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Tuesday, August 20, 2013

CAPSULE!: Frances Ha

There's a familiar joy to this story of a young woman (not a very young woman) holding onto a kind of innocence even as the particular realities of life in New York (rent, moving, shifting loyalties within her social circle, less-than-abundant work opportunities) threaten to overwhelm her. Woody Allen and Hal Hartley previously, eloquently captured the lives of such people and their moment in this city around them, and now co-writers Noah Baumbach (director, knowing, perceptive) and Greta Gerwig (actor, title role, luminous) capture their moment.



Gerwig's performance steers well clear of the manic pixie too often seen in urban indies, bringing incredible dimension and warmth to Frances, generously sharing her ups and downs with us. Gerwig is amazing at showing us Frances' life - in just one moment, for example, she gives us volumes of information in her non-verbal response to a letter from the IRS. And we feel her astonishment later in the film as everyone around her at a college function seem to be simultaneously losing their shit - nothing tells us that this is a turning point for Frances except for the way Gerwig portrays her reactions, and her subsequent, infectious renewal of spirit.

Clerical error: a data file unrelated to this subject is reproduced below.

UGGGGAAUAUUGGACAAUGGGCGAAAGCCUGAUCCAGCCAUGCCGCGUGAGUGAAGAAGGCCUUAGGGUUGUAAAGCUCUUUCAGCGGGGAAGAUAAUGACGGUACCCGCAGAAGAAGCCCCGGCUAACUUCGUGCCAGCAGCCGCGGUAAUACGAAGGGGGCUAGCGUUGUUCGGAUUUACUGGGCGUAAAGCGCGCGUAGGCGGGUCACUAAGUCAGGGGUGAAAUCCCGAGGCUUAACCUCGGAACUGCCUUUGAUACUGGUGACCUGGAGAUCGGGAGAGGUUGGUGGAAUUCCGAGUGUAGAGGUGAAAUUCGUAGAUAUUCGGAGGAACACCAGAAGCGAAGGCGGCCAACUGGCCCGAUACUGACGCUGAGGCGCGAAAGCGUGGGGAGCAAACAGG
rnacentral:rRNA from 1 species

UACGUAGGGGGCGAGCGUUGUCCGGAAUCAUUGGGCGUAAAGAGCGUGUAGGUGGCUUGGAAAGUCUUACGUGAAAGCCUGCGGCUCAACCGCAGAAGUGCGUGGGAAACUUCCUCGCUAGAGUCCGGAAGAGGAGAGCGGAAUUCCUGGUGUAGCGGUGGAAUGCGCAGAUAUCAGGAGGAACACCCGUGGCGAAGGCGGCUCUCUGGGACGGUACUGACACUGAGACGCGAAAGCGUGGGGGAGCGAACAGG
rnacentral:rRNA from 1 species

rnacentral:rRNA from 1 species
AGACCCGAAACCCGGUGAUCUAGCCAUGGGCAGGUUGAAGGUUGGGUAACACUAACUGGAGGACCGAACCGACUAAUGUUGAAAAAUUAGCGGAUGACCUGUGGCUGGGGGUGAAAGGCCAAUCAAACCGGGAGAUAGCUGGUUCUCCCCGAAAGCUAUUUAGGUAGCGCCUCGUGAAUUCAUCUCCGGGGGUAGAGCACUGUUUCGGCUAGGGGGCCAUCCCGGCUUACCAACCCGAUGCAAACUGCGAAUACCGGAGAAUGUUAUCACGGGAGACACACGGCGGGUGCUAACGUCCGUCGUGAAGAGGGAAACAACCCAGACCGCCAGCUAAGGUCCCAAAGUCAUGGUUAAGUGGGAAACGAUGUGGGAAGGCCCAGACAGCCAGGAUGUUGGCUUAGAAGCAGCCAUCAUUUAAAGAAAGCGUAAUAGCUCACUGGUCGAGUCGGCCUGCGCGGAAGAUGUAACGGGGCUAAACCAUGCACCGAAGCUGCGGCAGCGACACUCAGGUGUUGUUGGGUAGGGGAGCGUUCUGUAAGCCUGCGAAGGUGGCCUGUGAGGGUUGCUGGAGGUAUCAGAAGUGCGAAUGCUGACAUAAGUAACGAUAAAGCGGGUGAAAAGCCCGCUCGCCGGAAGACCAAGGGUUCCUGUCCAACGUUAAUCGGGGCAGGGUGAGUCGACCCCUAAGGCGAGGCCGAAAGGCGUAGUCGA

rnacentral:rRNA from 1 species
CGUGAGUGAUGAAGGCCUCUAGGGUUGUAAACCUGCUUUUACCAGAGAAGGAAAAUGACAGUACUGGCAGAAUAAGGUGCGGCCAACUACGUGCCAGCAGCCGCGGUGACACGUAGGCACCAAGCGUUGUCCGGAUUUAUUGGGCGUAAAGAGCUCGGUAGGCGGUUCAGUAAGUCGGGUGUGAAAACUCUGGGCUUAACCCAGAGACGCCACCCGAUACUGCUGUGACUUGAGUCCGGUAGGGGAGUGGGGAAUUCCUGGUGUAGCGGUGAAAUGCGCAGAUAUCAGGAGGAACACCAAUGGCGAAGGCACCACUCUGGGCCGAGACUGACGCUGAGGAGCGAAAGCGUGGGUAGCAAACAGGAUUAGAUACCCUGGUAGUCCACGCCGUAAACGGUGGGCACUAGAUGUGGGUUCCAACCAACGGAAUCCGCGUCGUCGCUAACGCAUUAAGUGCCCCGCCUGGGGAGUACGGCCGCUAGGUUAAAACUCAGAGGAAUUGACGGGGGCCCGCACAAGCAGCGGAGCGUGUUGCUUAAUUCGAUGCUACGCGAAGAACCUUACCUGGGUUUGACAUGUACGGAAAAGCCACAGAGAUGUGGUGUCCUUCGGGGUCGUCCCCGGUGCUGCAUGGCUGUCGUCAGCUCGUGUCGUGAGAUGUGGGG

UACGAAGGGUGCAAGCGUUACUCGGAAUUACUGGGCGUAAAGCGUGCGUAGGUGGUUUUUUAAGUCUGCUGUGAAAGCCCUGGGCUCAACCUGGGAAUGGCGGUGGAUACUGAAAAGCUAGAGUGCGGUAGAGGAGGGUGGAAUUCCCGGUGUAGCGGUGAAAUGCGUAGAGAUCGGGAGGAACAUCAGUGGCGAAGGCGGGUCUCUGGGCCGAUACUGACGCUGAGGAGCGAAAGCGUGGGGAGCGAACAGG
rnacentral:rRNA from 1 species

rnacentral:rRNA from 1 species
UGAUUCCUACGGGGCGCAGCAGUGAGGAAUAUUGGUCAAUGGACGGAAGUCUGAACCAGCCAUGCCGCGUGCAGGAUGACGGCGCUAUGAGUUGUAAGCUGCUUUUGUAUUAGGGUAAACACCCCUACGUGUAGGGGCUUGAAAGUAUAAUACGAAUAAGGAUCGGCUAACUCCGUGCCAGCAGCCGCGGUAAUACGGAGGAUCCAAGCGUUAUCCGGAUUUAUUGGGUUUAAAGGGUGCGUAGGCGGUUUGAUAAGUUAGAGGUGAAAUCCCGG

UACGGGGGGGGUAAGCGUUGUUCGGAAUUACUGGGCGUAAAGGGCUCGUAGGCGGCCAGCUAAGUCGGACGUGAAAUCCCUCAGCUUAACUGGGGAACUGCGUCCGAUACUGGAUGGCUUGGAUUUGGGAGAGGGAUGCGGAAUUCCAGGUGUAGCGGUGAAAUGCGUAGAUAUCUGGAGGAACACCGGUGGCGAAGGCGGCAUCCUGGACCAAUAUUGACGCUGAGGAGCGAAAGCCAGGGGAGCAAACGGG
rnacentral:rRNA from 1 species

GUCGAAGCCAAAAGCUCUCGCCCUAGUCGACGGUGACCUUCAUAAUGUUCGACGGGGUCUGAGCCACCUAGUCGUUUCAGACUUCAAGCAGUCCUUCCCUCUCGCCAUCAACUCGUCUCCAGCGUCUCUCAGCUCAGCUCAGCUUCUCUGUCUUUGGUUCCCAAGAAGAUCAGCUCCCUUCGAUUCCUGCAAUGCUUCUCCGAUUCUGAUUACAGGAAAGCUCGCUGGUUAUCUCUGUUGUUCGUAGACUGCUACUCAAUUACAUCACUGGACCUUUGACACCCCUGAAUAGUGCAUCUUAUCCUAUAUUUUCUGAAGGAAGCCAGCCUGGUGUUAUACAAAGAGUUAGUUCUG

Gerwig is surrounded with a supporting cast playing palpably real characters (Michael Zegen is particularly strong as Benji, a roommate whose kinship with Frances seems particularly strong for the emphasis NOT placed on it). If you've spent any time in New York, you've met these people. Their lives resonate believably here, delivered by Baumbach and Gerwig with documentarian intimacy. But Frances Ha moves with the breeziness of Hollywood's classic musicals, an old school affiliation hit home by the gorgeous black-&-white cinematography and veteran composer Georges Delerue's music. It earns every emotion it pulls from its audience, and it's surprising how strong those emotions often are. I'm using a lot of big words to try and express, contain these emotions, but I'm not sure they're working. "Movie of the Year" is so much more concise. And probably right,

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